The Upper Monongahela River Association will hold a water quality forum in February focusing on the impact of coal and natural gas production on water resources and the investigation into the Dunkard Creek fish kill.

The forum will be the 13th sponsored by the organization dealing with water quality issues in the Monongahela River basin.

The 12th forum, which was sponsored jointly by the association and Greene County Conservation District and focused on the September fish kill, was held Dec. 3 in Mt. Morris and drew more than 200 people.

Barry Pallay, forum program director, said one of the issues for next month's meeting again will be Dunkard Creek. State and federal agencies have been invited to attend to share with the public any new data they have obtained since the last meeting, he said.

The discussion also is expected to include an update on the status of other streams with high levels of total dissolved solids. Total dissolved solids have been considered a contributing factor to the growth of the golden algae that is believed to have killed fish and other aquatic life in Dunkard Creek.

The other focus of the forum will be to address the impacts of coal mining and the expected increase in natural gas production on the area's water resources, Pallay said.

"We want to begin examining coal and gas production and the water and waste disposal needs related to it," he said, adding that, if the watershed is going to see an increase in Marcellus gas drilling, it's important to consider what impacts it may have on water resources.

The association began sponsoring its water quality forums in October 2008 in response to reports of problems caused by high levels of total dissolved solids in the Monongahela River, Pallay said.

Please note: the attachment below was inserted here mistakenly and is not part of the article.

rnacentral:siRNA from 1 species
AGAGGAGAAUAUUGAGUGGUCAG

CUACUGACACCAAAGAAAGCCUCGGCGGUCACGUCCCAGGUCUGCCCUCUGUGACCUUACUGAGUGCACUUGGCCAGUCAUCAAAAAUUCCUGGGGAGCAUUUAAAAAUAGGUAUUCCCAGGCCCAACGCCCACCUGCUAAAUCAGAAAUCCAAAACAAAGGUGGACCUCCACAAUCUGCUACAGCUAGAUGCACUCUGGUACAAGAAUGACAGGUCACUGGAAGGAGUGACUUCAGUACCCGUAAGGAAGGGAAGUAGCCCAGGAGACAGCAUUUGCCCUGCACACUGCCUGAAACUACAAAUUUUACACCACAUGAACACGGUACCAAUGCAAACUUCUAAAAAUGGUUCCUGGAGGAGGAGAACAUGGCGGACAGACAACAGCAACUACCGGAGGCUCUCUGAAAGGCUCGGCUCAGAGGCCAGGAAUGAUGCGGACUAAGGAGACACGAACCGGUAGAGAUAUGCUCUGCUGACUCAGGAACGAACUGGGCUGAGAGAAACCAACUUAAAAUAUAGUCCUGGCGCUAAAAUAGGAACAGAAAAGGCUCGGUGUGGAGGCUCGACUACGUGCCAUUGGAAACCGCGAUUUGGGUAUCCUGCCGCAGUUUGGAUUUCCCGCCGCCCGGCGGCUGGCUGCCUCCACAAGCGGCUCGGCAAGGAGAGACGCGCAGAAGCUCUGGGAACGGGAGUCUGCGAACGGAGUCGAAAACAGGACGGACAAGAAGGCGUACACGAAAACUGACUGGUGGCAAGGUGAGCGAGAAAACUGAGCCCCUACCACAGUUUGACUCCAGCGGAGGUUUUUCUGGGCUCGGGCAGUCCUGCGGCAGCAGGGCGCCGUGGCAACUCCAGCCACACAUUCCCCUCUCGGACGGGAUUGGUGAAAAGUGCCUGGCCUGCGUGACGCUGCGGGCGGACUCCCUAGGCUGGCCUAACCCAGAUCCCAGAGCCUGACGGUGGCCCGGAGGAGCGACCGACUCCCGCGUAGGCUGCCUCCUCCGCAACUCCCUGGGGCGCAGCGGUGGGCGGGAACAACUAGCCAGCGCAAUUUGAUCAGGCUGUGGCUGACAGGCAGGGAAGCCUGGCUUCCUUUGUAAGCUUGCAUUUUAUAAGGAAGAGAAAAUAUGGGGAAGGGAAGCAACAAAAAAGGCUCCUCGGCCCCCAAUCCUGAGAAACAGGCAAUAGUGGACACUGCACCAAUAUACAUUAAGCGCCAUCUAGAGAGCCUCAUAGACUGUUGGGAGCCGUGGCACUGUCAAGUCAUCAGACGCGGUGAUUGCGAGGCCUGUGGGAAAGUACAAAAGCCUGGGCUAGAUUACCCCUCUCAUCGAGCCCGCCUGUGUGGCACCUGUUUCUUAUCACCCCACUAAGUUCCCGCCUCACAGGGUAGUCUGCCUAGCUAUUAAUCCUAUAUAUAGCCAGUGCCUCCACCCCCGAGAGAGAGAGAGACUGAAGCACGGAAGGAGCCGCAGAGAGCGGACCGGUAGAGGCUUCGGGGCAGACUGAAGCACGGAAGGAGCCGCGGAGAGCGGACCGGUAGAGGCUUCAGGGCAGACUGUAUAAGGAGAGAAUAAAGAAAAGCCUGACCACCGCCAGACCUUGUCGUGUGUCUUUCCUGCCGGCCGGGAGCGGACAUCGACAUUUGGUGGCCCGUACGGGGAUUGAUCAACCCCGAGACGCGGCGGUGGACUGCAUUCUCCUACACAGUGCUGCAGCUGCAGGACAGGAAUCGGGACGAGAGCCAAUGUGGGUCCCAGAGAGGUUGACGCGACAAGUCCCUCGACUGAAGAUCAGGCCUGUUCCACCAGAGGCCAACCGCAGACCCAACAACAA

The forums have helped inform the public on issues surrounding water quality in the Mon River basin and brought together the various state and federal agencies involved in enforcing water quality regulations.

At next month's forum, a speaker is scheduled to attend from the Ohio River Valley Water Sanitation Commission, an organization that works to improve water quality in a large portion of the Ohio River basin.

The representative is expected to explain what his organization has done to improve water quality in the Ohio River and the lessons it has learned that could apply to the association's efforts.

"We really need to look at the watershed as an entire system," Pallay said.

This upcoming water quality forum will be held at 6 p.m. Feb. 11 at the Granville, W.Va., Volunteer Fire Department events center, about a mile west of the Star City interchange of Interstate 79.

Agencies invited to attend include the Pennsylvania Department of Environmental Protection, West Virginia Department of Environmental Protection, Greene County Department of Economic Development, U.S. Environmental Protection Agency, U.S. Army Corps of Engineers, RAIN Network, W.Va. Water Research Institute and W.Va. Geologic and Economic Survey.

In another matter, Democratic gubernatorial candidate Joe Hoeffel will visit the Mt. Morris Community Center at 1 p.m. Saturday to discuss issues related to the Dunkard Creek fish kill.

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{Nature_and_Environment.109.4}: Colleen Nelson {cole2u} Sat, 25 Sep 2010 23:21:39 EDT (HTML)

"Update - thanks to the media attention garnered by Gasland and the fish kill on dunkard creek and NY state's moratorium on drilling in the aquifer that feeds NYC, the public and the government is beginning to wake up to the dangers of unbridled Halliburton Bush Administration corporate carelessness and misconduct per the environment and the People who live where the drilling is happening.

Parts of Colorado are as contaminated in their way as Hiroshima. The deaths and sicknesses and neuropoisoning of entire populations in America where the 'clean energy' gas industry is bullying their way through lax governmental scrutiny and regulation is a story that is beginning to be told.